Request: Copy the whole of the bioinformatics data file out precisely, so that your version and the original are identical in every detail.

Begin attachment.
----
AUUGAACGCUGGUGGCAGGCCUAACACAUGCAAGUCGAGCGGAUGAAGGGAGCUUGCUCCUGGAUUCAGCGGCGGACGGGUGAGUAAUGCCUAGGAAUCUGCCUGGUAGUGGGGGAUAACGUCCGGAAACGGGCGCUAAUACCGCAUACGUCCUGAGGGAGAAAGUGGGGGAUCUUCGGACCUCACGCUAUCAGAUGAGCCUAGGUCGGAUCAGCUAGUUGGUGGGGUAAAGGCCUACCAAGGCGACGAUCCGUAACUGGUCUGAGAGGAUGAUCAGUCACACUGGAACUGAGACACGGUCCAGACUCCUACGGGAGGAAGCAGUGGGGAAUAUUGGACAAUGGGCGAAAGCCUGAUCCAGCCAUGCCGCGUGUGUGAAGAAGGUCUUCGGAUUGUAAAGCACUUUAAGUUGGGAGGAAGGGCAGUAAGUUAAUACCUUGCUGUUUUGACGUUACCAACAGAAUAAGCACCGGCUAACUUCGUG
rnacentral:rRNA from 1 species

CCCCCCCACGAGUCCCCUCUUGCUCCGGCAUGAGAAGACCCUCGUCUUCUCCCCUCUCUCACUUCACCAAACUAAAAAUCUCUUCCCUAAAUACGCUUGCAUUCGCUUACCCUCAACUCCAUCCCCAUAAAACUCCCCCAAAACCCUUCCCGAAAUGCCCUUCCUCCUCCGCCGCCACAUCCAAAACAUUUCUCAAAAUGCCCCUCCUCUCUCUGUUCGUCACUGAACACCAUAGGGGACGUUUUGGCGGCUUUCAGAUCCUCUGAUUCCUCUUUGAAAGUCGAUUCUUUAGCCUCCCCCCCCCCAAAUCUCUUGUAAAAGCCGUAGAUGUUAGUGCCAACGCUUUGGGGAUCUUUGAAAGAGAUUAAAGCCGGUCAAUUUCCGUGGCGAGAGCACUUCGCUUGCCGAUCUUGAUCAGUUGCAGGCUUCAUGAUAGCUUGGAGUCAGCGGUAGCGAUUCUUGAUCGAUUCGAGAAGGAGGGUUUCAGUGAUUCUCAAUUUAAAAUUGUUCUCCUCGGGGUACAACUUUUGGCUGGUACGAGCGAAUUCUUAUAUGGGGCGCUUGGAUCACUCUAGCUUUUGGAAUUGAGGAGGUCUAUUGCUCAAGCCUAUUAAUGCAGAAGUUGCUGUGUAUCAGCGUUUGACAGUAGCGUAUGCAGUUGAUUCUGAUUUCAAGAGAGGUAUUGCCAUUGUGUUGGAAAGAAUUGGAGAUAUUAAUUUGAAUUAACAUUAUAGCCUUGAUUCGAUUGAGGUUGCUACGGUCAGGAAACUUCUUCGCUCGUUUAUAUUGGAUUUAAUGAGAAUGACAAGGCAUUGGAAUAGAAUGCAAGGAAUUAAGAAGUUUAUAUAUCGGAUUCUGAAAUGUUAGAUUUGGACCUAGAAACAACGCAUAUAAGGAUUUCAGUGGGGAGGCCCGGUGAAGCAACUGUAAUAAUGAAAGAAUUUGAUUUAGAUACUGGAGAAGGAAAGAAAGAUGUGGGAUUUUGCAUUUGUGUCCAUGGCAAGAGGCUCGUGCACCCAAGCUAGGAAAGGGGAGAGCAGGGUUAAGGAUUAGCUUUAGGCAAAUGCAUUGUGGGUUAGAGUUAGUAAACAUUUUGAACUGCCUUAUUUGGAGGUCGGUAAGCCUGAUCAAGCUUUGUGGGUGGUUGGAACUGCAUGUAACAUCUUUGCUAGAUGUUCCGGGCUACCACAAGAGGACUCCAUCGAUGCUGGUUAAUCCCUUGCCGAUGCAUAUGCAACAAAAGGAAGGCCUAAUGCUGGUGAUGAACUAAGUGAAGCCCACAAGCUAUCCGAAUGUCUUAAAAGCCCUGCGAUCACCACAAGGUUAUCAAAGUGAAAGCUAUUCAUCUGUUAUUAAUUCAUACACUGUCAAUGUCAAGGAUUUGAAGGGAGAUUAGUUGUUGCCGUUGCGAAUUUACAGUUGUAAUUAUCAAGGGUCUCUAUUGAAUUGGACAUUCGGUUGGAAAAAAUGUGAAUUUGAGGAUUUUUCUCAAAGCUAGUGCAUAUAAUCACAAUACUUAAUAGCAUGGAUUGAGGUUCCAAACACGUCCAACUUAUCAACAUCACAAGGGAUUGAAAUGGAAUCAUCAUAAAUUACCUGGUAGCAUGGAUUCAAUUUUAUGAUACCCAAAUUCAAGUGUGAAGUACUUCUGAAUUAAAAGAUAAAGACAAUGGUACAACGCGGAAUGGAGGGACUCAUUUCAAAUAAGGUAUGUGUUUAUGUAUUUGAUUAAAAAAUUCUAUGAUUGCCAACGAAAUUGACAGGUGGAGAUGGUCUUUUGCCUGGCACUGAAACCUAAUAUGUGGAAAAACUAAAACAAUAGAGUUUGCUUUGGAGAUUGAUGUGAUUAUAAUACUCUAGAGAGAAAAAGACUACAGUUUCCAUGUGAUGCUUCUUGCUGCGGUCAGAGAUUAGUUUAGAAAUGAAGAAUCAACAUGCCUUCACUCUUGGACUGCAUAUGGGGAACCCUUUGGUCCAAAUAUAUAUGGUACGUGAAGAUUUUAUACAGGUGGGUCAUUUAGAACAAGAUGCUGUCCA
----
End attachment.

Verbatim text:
AUUGAACGCUGGUGGCAGGCCUAACACAUGCAAGUCGAGCGGAUGAAGGGAGCUUGCUCCUGGAUUCAGCGGCGGACGGGUGAGUAAUGCCUAGGAAUCUGCCUGGUAGUGGGGGAUAACGUCCGGAAACGGGCGCUAAUACCGCAUACGUCCUGAGGGAGAAAGUGGGGGAUCUUCGGACCUCACGCUAUCAGAUGAGCCUAGGUCGGAUCAGCUAGUUGGUGGGGUAAAGGCCUACCAAGGCGACGAUCCGUAACUGGUCUGAGAGGAUGAUCAGUCACACUGGAACUGAGACACGGUCCAGACUCCUACGGGAGGAAGCAGUGGGGAAUAUUGGACAAUGGGCGAAAGCCUGAUCCAGCCAUGCCGCGUGUGUGAAGAAGGUCUUCGGAUUGUAAAGCACUUUAAGUUGGGAGGAAGGGCAGUAAGUUAAUACCUUGCUGUUUUGACGUUACCAACAGAAUAAGCACCGGCUAACUUCGUG
rnacentral:rRNA from 1 species

CCCCCCCACGAGUCCCCUCUUGCUCCGGCAUGAGAAGACCCUCGUCUUCUCCCCUCUCUCACUUCACCAAACUAAAAAUCUCUUCCCUAAAUACGCUUGCAUUCGCUUACCCUCAACUCCAUCCCCAUAAAACUCCCCCAAAACCCUUCCCGAAAUGCCCUUCCUCCUCCGCCGCCACAUCCAAAACAUUUCUCAAAAUGCCCCUCCUCUCUCUGUUCGUCACUGAACACCAUAGGGGACGUUUUGGCGGCUUUCAGAUCCUCUGAUUCCUCUUUGAAAGUCGAUUCUUUAGCCUCCCCCCCCCCAAAUCUCUUGUAAAAGCCGUAGAUGUUAGUGCCAACGCUUUGGGGAUCUUUGAAAGAGAUUAAAGCCGGUCAAUUUCCGUGGCGAGAGCACUUCGCUUGCCGAUCUUGAUCAGUUGCAGGCUUCAUGAUAGCUUGGAGUCAGCGGUAGCGAUUCUUGAUCGAUUCGAGAAGGAGGGUUUCAGUGAUUCUCAAUUUAAAAUUGUUCUCCUCGGGGUACAACUUUUGGCUGGUACGAGCGAAUUCUUAUAUGGGGCGCUUGGAUCACUCUAGCUUUUGGAAUUGAGGAGGUCUAUUGCUCAAGCCUAUUAAUGCAGAAGUUGCUGUGUAUCAGCGUUUGACAGUAGCGUAUGCAGUUGAUUCUGAUUUCAAGAGAGGUAUUGCCAUUGUGUUGGAAAGAAUUGGAGAUAUUAAUUUGAAUUAACAUUAUAGCCUUGAUUCGAUUGAGGUUGCUACGGUCAGGAAACUUCUUCGCUCGUUUAUAUUGGAUUUAAUGAGAAUGACAAGGCAUUGGAAUAGAAUGCAAGGAAUUAAGAAGUUUAUAUAUCGGAUUCUGAAAUGUUAGAUUUGGACCUAGAAACAACGCAUAUAAGGAUUUCAGUGGGGAGGCCCGGUGAAGCAACUGUAAUAAUGAAAGAAUUUGAUUUAGAUACUGGAGAAGGAAAGAAAGAUGUGGGAUUUUGCAUUUGUGUCCAUGGCAAGAGGCUCGUGCACCCAAGCUAGGAAAGGGGAGAGCAGGGUUAAGGAUUAGCUUUAGGCAAAUGCAUUGUGGGUUAGAGUUAGUAAACAUUUUGAACUGCCUUAUUUGGAGGUCGGUAAGCCUGAUCAAGCUUUGUGGGUGGUUGGAACUGCAUGUAACAUCUUUGCUAGAUGUUCCGGGCUACCACAAGAGGACUCCAUCGAUGCUGGUUAAUCCCUUGCCGAUGCAUAUGCAACAAAAGGAAGGCCUAAUGCUGGUGAUGAACUAAGUGAAGCCCACAAGCUAUCCGAAUGUCUUAAAAGCCCUGCGAUCACCACAAGGUUAUCAAAGUGAAAGCUAUUCAUCUGUUAUUAAUUCAUACACUGUCAAUGUCAAGGAUUUGAAGGGAGAUUAGUUGUUGCCGUUGCGAAUUUACAGUUGUAAUUAUCAAGGGUCUCUAUUGAAUUGGACAUUCGGUUGGAAAAAAUGUGAAUUUGAGGAUUUUUCUCAAAGCUAGUGCAUAUAAUCACAAUACUUAAUAGCAUGGAUUGAGGUUCCAAACACGUCCAACUUAUCAACAUCACAAGGGAUUGAAAUGGAAUCAUCAUAAAUUACCUGGUAGCAUGGAUUCAAUUUUAUGAUACCCAAAUUCAAGUGUGAAGUACUUCUGAAUUAAAAGAUAAAGACAAUGGUACAACGCGGAAUGGAGGGACUCAUUUCAAAUAAGGUAUGUGUUUAUGUAUUUGAUUAAAAAAUUCUAUGAUUGCCAACGAAAUUGACAGGUGGAGAUGGUCUUUUGCCUGGCACUGAAACCUAAUAUGUGGAAAAACUAAAACAAUAGAGUUUGCUUUGGAGAUUGAUGUGAUUAUAAUACUCUAGAGAGAAAAAGACUACAGUUUCCAUGUGAUGCUUCUUGCUGCGGUCAGAGAUUAGUUUAGAAAUGAAGAAUCAACAUGCCUUCACUCUUGGACUGCAUAUGGGGAACCCUUUGGUCCAAAUAUAUAUGGUACGUGAAGAUUUUAUACAGGUGGGUCAUUUAGAACAAGAUGCUGUCCA